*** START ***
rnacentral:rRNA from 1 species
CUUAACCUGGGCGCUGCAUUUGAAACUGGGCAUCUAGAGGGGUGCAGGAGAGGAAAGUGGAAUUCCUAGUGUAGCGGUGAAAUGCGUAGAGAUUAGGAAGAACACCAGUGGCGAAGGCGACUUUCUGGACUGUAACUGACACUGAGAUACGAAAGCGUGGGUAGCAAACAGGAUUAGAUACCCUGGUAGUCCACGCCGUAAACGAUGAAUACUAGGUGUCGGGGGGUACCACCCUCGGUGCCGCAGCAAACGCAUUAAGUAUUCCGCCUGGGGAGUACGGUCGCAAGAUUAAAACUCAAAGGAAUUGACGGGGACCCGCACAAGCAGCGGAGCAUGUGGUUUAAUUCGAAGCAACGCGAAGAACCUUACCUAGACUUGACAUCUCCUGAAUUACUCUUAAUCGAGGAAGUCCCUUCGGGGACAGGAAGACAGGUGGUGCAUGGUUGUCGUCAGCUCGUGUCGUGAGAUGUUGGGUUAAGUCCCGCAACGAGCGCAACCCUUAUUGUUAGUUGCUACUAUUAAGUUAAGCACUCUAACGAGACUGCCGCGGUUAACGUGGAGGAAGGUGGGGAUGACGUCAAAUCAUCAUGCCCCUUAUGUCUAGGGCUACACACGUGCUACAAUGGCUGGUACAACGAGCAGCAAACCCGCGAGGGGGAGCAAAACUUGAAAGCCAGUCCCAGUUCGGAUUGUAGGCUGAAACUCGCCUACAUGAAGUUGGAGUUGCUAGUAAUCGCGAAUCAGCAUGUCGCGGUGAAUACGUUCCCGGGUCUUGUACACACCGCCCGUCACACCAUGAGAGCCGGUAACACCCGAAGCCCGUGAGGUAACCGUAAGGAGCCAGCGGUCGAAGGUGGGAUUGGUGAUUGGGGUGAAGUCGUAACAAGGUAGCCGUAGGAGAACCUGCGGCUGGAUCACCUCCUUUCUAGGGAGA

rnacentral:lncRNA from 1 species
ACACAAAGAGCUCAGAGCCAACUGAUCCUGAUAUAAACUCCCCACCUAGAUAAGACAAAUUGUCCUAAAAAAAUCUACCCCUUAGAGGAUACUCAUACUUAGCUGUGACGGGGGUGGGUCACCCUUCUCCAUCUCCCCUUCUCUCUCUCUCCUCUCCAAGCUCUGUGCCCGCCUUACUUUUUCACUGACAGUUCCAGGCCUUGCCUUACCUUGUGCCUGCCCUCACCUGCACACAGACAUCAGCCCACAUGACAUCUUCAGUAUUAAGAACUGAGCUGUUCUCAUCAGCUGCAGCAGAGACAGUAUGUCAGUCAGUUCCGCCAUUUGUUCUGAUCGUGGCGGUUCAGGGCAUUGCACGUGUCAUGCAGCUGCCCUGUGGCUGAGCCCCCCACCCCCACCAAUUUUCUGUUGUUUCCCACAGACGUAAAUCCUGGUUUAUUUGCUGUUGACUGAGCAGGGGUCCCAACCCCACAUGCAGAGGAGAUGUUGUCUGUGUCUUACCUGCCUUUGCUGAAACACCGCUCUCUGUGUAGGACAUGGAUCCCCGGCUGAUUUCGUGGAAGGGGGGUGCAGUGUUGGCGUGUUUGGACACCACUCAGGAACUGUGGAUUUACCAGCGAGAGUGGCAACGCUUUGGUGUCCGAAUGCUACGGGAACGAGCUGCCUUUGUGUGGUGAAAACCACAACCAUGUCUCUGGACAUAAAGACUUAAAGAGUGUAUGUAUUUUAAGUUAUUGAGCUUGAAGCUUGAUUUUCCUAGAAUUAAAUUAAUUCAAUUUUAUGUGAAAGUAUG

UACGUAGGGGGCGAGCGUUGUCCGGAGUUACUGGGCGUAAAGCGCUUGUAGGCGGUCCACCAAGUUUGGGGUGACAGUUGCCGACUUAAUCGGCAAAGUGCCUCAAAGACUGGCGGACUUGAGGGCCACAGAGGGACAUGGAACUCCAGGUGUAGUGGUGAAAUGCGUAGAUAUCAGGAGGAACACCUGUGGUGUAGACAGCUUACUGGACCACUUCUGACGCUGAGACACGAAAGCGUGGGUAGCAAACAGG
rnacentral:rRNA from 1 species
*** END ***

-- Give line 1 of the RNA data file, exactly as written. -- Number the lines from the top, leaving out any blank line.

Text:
rnacentral:rRNA from 1 species